The Manhattan Fire Department is urging citizens to be extra vigilant regarding outdoor fire safety due to the extremely dry conditions. Due to the recent temperatures at or near 100 degrees and the lack of significant rainfall, vegetation around the area is becoming a hazardous fuel. “With the extremely dry conditions we are experiencing, it is easy for an ignition source to start a fire that under normal conditions may not ignite,” stated Manhattan Fire Investigator Rick Stillwagon. Stillwagon adds, “once a fire starts, it can grow exponentially and make the firefighters’ job of controlling a fire very difficult.”
The two leading causes of outdoor fires in Manhattan are discarded cigarettes and improperly disposed of coals. The Manhattan Fire Department recommends that cigarettes are disposed of in a non-combustible container such as a metal pail filled with sand. If using a charcoal grill, make sure the coals are completely cooled before attempting disposal. Often times fires are started because the occupant believes the coals are cool and disposes of them by dumping them on the ground or placing them into a combustible container.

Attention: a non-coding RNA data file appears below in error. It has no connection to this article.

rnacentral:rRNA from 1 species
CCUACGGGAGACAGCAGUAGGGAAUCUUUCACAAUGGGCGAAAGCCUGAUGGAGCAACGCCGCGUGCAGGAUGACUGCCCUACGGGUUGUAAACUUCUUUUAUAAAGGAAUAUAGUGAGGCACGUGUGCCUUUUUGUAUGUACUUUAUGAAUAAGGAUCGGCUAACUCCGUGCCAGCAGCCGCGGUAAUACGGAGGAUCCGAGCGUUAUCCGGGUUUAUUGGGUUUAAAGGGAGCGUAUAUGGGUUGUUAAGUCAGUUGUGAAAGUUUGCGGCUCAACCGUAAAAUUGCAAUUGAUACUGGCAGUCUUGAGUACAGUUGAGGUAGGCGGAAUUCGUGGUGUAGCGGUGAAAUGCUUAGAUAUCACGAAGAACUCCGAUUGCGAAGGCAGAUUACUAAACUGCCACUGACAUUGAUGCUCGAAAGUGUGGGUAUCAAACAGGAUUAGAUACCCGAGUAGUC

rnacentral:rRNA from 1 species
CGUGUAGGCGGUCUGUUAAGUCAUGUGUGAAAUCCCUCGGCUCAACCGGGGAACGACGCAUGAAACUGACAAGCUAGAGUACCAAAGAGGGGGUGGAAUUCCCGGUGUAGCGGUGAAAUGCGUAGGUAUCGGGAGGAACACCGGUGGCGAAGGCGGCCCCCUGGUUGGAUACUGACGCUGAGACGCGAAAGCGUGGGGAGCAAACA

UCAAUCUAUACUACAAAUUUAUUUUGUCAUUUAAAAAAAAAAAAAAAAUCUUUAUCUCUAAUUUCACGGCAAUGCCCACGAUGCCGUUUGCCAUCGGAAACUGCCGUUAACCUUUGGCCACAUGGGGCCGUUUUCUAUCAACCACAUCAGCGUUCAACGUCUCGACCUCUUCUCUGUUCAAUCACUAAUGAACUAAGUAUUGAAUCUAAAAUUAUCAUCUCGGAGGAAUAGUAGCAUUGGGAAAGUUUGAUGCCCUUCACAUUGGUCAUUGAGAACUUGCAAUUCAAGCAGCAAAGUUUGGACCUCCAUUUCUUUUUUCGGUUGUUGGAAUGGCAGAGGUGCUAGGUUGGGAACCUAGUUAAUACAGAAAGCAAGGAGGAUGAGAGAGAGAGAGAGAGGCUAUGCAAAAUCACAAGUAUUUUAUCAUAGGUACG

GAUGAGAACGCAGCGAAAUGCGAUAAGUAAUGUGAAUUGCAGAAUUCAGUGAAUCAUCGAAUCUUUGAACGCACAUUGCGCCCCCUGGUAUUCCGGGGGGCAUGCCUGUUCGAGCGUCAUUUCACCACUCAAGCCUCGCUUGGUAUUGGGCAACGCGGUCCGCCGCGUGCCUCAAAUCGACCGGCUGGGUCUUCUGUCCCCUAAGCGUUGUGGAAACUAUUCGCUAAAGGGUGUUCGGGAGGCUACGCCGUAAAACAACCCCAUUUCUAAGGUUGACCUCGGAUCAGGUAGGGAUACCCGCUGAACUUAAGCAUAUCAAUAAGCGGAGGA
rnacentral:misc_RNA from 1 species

The Manhattan Fire Department is not allowing any current burn permit holders to conduct any open burning. We also recommend that citizens do not use outdoor fireplaces or conduct any legal recreational fires other than those contained in approved cooking devices.
In order to prevent a wildfire from threatening your home, the Kansas Forest Service (KFS) recommends that grass be mowed short for 30 feet in all directions around your home and that the area should not contain combustible vegetation that could allow fire spread from one plant to another. KFS also suggests that the first three feet directly around your house should be non-combustible material, or if it is combustible material, homeowners should periodically wet down the area around the house. If you have specific questions about protecting your home from wildfire you can call the Kansas Forest Service at 785-532-3300 and request a fire safety evaluation of your property.